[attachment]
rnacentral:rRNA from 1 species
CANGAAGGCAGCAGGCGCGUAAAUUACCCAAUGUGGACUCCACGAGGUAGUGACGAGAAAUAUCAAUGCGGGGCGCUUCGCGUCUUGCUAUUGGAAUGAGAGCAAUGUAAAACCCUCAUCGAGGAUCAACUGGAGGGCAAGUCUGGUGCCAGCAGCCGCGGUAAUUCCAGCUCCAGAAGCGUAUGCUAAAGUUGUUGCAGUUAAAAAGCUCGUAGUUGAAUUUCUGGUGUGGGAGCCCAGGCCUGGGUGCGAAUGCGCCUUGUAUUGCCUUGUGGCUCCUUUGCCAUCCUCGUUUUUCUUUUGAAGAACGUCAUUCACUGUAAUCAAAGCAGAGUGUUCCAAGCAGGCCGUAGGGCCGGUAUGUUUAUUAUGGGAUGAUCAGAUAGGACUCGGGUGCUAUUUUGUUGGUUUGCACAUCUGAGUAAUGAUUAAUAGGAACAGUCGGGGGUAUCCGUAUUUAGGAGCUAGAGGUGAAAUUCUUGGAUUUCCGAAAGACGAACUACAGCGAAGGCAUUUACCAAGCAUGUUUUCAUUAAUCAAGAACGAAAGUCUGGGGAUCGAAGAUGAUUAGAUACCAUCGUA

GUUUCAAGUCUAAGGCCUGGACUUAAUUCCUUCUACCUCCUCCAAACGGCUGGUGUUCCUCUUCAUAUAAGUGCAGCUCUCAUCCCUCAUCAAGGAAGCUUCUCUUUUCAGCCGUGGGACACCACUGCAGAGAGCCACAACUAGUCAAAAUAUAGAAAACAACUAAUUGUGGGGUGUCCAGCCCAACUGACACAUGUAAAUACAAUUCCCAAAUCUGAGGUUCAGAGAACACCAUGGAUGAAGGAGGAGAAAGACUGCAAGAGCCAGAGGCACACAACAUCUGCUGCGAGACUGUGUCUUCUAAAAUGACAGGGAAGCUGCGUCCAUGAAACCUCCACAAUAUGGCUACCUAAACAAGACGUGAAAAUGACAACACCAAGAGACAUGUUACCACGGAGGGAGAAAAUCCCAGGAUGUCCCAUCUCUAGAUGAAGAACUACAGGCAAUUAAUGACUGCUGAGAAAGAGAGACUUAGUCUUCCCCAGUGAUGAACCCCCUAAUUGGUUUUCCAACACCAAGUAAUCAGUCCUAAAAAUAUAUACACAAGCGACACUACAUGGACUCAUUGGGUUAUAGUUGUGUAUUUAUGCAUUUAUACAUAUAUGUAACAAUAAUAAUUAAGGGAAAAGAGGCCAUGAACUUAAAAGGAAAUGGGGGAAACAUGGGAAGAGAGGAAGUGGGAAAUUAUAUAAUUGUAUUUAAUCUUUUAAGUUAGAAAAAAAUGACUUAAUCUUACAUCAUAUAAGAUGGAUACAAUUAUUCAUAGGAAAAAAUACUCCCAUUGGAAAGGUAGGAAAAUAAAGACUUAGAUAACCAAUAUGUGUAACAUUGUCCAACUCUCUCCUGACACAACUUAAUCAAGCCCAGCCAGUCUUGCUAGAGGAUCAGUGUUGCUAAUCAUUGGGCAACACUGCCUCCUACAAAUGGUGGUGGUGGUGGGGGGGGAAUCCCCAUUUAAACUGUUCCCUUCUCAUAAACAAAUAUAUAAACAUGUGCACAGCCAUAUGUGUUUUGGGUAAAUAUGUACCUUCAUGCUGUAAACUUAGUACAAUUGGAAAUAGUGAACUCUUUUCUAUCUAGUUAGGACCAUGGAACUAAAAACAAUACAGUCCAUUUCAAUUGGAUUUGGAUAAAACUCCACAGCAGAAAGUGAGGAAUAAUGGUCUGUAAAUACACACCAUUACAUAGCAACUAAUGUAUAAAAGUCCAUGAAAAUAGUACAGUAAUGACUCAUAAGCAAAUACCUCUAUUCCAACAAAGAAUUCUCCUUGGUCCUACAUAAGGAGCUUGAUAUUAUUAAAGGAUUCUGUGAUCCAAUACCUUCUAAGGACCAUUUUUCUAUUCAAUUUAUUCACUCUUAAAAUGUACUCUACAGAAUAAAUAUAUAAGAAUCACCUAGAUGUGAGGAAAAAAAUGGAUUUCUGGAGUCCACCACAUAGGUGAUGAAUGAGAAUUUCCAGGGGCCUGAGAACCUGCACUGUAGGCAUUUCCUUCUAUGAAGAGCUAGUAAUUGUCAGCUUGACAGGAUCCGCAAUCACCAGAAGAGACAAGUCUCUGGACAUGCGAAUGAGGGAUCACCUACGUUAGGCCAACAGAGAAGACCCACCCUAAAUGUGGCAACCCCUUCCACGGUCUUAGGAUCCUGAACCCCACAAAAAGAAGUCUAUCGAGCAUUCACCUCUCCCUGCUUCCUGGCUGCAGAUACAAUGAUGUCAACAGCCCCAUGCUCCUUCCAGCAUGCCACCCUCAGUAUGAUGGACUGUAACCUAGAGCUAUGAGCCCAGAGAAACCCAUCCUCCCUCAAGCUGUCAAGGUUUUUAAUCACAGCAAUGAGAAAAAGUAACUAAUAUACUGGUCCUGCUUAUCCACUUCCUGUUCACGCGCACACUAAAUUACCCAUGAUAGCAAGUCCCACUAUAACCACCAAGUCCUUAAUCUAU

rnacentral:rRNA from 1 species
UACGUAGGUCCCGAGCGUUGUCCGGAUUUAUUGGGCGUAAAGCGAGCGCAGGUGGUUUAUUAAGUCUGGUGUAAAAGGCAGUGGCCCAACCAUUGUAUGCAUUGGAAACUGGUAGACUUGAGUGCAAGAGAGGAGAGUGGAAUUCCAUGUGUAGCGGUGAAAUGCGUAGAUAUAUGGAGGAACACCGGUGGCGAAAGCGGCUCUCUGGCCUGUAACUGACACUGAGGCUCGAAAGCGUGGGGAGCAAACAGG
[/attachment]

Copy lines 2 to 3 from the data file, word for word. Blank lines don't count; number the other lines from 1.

CANGAAGGCAGCAGGCGCGUAAAUUACCCAAUGUGGACUCCACGAGGUAGUGACGAGAAAUAUCAAUGCGGGGCGCUUCGCGUCUUGCUAUUGGAAUGAGAGCAAUGUAAAACCCUCAUCGAGGAUCAACUGGAGGGCAAGUCUGGUGCCAGCAGCCGCGGUAAUUCCAGCUCCAGAAGCGUAUGCUAAAGUUGUUGCAGUUAAAAAGCUCGUAGUUGAAUUUCUGGUGUGGGAGCCCAGGCCUGGGUGCGAAUGCGCCUUGUAUUGCCUUGUGGCUCCUUUGCCAUCCUCGUUUUUCUUUUGAAGAACGUCAUUCACUGUAAUCAAAGCAGAGUGUUCCAAGCAGGCCGUAGGGCCGGUAUGUUUAUUAUGGGAUGAUCAGAUAGGACUCGGGUGCUAUUUUGUUGGUUUGCACAUCUGAGUAAUGAUUAAUAGGAACAGUCGGGGGUAUCCGUAUUUAGGAGCUAGAGGUGAAAUUCUUGGAUUUCCGAAAGACGAACUACAGCGAAGGCAUUUACCAAGCAUGUUUUCAUUAAUCAAGAACGAAAGUCUGGGGAUCGAAGAUGAUUAGAUACCAUCGUA

GUUUCAAGUCUAAGGCCUGGACUUAAUUCCUUCUACCUCCUCCAAACGGCUGGUGUUCCUCUUCAUAUAAGUGCAGCUCUCAUCCCUCAUCAAGGAAGCUUCUCUUUUCAGCCGUGGGACACCACUGCAGAGAGCCACAACUAGUCAAAAUAUAGAAAACAACUAAUUGUGGGGUGUCCAGCCCAACUGACACAUGUAAAUACAAUUCCCAAAUCUGAGGUUCAGAGAACACCAUGGAUGAAGGAGGAGAAAGACUGCAAGAGCCAGAGGCACACAACAUCUGCUGCGAGACUGUGUCUUCUAAAAUGACAGGGAAGCUGCGUCCAUGAAACCUCCACAAUAUGGCUACCUAAACAAGACGUGAAAAUGACAACACCAAGAGACAUGUUACCACGGAGGGAGAAAAUCCCAGGAUGUCCCAUCUCUAGAUGAAGAACUACAGGCAAUUAAUGACUGCUGAGAAAGAGAGACUUAGUCUUCCCCAGUGAUGAACCCCCUAAUUGGUUUUCCAACACCAAGUAAUCAGUCCUAAAAAUAUAUACACAAGCGACACUACAUGGACUCAUUGGGUUAUAGUUGUGUAUUUAUGCAUUUAUACAUAUAUGUAACAAUAAUAAUUAAGGGAAAAGAGGCCAUGAACUUAAAAGGAAAUGGGGGAAACAUGGGAAGAGAGGAAGUGGGAAAUUAUAUAAUUGUAUUUAAUCUUUUAAGUUAGAAAAAAAUGACUUAAUCUUACAUCAUAUAAGAUGGAUACAAUUAUUCAUAGGAAAAAAUACUCCCAUUGGAAAGGUAGGAAAAUAAAGACUUAGAUAACCAAUAUGUGUAACAUUGUCCAACUCUCUCCUGACACAACUUAAUCAAGCCCAGCCAGUCUUGCUAGAGGAUCAGUGUUGCUAAUCAUUGGGCAACACUGCCUCCUACAAAUGGUGGUGGUGGUGGGGGGGGAAUCCCCAUUUAAACUGUUCCCUUCUCAUAAACAAAUAUAUAAACAUGUGCACAGCCAUAUGUGUUUUGGGUAAAUAUGUACCUUCAUGCUGUAAACUUAGUACAAUUGGAAAUAGUGAACUCUUUUCUAUCUAGUUAGGACCAUGGAACUAAAAACAAUACAGUCCAUUUCAAUUGGAUUUGGAUAAAACUCCACAGCAGAAAGUGAGGAAUAAUGGUCUGUAAAUACACACCAUUACAUAGCAACUAAUGUAUAAAAGUCCAUGAAAAUAGUACAGUAAUGACUCAUAAGCAAAUACCUCUAUUCCAACAAAGAAUUCUCCUUGGUCCUACAUAAGGAGCUUGAUAUUAUUAAAGGAUUCUGUGAUCCAAUACCUUCUAAGGACCAUUUUUCUAUUCAAUUUAUUCACUCUUAAAAUGUACUCUACAGAAUAAAUAUAUAAGAAUCACCUAGAUGUGAGGAAAAAAAUGGAUUUCUGGAGUCCACCACAUAGGUGAUGAAUGAGAAUUUCCAGGGGCCUGAGAACCUGCACUGUAGGCAUUUCCUUCUAUGAAGAGCUAGUAAUUGUCAGCUUGACAGGAUCCGCAAUCACCAGAAGAGACAAGUCUCUGGACAUGCGAAUGAGGGAUCACCUACGUUAGGCCAACAGAGAAGACCCACCCUAAAUGUGGCAACCCCUUCCACGGUCUUAGGAUCCUGAACCCCACAAAAAGAAGUCUAUCGAGCAUUCACCUCUCCCUGCUUCCUGGCUGCAGAUACAAUGAUGUCAACAGCCCCAUGCUCCUUCCAGCAUGCCACCCUCAGUAUGAUGGACUGUAACCUAGAGCUAUGAGCCCAGAGAAACCCAUCCUCCCUCAAGCUGUCAAGGUUUUUAAUCACAGCAAUGAGAAAAAGUAACUAAUAUACUGGUCCUGCUUAUCCACUUCCUGUUCACGCGCACACUAAAUUACCCAUGAUAGCAAGUCCCACUAUAACCACCAAGUCCUUAAUCUAU